What is an Oloroso Sherry Cask?

Oloroso Sherry Cask are whisky casks which have been previously held Oloroso Sherry. Oloroso Sherry is a type of fortified wine produced near the city of Jerez de la Frontera in Andalusia, Spain. The Sherry Triangle produces wines which have been ‘fortified’ with a higher alcohol strength in order to prevent yeast growth and bottled under the official name of Jerez-Xérès-Sherry. There is something of a manufactured misconception, that the casks used at these bodegas are the same used for whisky maturation however this is not the case. Oloroso sherry casks are more commonly known as sherry butts within the whisky industry.

The Truth about Sherry Casks

While manufacturers like to present it differently essentially no sherry casks in Scottish warehouses are real bodega casks that have been used for sherry maturation. Sherry Bodegas use their casks until virtual exhaustion, and even were this not the cast are not numerous enough to supply sufficient volumes for whisky maturation. This is not a new development, and it was almost never the case that Bodega casks were used.

Historically, before the introduction of bottling in bond, sherries were exported from Spain to Great Britain by sea in oak casks. Rather than transporting these now empty casks back to Spain for reuse these casks were sold on once emptied, and thus these barrels ended up in Scotland and were used for the maturation of whisky. These transport casks were still extremely flavourable having held the sherry for prolonged periods of time, firstly while waiting in warehouses, then during long shipping times, then in warehouses at the other end until they were finally emptied. Today significantly less sherry is consumed within the UK, and the end of shipping in casks has meant that these ‘transport’ casks are no longer readily available.

In the absence of these transport casks the whisky industry predominantly shifted production to the use of ex-bourbon casks which are plentiful due to legal restrictions allowing them to be used only once for bourbon maturation. The remaining sherry matured whiskies are actually ‘seasoned casks’, produced specially for Scottish distilleries at the Spanish bodegas. Whiskies maturing in ‘Oloroso sherry casks’ are in reality whiskies matured in a cask that previously held a sherry like wine. Despite this for our purposes we will continue to refer to these as Oloroso sherry casks.

What is Oloroso Sherry?

Sherry is generally fortified white wines. Oloroso is an oxidatively ripened sherry made from palomino grapes. This type of sherry is typically full-bodied, strong and dry, but is sometimes sweetened by adding other types of sherry. The properties of Oloroso sherry are transferred to the barrel and later on to the whisky.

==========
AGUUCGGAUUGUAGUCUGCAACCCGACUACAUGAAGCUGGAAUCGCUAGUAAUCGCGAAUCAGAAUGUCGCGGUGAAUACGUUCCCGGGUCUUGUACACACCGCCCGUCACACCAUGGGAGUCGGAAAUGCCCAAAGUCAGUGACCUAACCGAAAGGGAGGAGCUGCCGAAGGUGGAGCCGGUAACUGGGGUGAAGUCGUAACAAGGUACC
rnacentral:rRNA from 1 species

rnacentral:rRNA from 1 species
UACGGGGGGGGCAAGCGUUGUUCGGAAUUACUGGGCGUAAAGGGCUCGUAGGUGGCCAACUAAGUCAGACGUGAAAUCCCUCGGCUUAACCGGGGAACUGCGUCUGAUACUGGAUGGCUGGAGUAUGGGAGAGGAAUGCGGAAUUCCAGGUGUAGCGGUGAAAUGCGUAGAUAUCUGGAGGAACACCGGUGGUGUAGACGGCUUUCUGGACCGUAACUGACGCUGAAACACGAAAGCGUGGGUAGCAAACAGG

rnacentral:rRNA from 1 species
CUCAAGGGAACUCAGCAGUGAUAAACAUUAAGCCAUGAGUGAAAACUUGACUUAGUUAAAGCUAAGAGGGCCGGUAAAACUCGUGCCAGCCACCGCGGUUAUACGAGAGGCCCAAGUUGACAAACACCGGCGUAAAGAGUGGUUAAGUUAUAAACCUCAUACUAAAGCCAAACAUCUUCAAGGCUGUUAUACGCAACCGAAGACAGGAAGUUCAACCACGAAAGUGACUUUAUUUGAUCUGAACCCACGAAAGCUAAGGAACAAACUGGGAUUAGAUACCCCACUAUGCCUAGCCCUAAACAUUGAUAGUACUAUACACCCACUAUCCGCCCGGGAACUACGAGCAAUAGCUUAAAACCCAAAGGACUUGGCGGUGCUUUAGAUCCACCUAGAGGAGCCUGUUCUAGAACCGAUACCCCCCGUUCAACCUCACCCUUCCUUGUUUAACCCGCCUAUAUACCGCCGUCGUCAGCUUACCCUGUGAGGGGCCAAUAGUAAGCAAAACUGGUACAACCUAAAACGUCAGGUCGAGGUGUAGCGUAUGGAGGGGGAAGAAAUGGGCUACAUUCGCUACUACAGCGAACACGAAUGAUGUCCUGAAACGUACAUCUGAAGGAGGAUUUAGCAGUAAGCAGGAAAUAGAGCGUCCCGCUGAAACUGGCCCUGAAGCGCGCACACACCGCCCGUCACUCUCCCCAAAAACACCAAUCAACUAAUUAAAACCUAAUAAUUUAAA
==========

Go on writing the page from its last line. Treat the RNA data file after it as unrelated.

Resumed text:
Where do Oloroso sherry barrels come from?

Oloroso sherry barrels always come from Spain. More precisely from the area around the town of Jerez de la Frontera in the south of the Iberian Peninsula. The different sherry wines may only be produced in the so-called “sherry triangle”.

Why is whisky aged in Oloroso barrels?

Because of their harmonious character, Oloroso casks are very popular for maturing whisky. The taste of the Oloroso sherry fits in elegantly with the aromas of the whisky in most of the bottlings, but is not too dominant. In this way, Oloroso sherry barrels can add more aromas to a bottling. Oak barrels of other types of sherry, such as Pedro Ximénez (PX), are also used to mature whisky. However, Oloroso barrels are less sweet and luscious compared to PX casks.

There are several variants for storage:

  • A sherry cask whisky is stored in sherry barrels for its entire duration
  • A single malt with a sherry finish often matures initially in ex-bourbon barrels and then completely in a sherry cask (e.g. Oloroso cask) for a few months / years
  • During parallel maturation , part of the whisky is stored in ex-bourbon barrels, another in, for example, Oloroso sherry casks. Then there is a marriage of both types.

What flavours does the Oloroso sherry bring to the whisky?

Oloroso sherries are dry, strong and full-bodied in their character. Whiskies that were matured in former Oloroso sherry casks are mostly characterized by woody and ripe, fruity aromas. The respective aroma profile also depends on the duration of maturation, the intensity (first fill, second fill) and the quality of the barrels used.

Typical for whisky matured in Oloroso casks is a dry, but also soft, full mouthfeel. Concise notes that can be discovered in whisky matured in Oloroso casks are dried fruits such as figs, plums and raisins. The fruit notes are often complemented by distinctively spicy oak notes.

How big are Oloroso sherry casks?

With a volume of 500 litres, Oloroso sherry barrels are significantly larger than conventional American Standard Barrels (ASB) ex-bourbon barrels, which have a capacity of only 200 litres, and of the rebuilt hogshead, which hold between 225 to 250 litres. A whisky tends to mature more slowly in larger barrels, as relatively less new make comes into contact with the barrel surface. A complete storage of the whisky in the barrels for many years becomes an option.

However, not all sherry cask whiskies are actually stored in butts. On request, the bodegas also produce sherry hogshead in the desired specification, which can then be placed in Scottish warehouses next to bourbon casks of the same size. For the production of the sherry barrels, European as well as American oak wood can be used. The term ‘matured in spanish oak casks’, which can be found on some whisky bottles, refers to the manufacture of the casks in Spain, but not to the origin of the wood or the type of oak.

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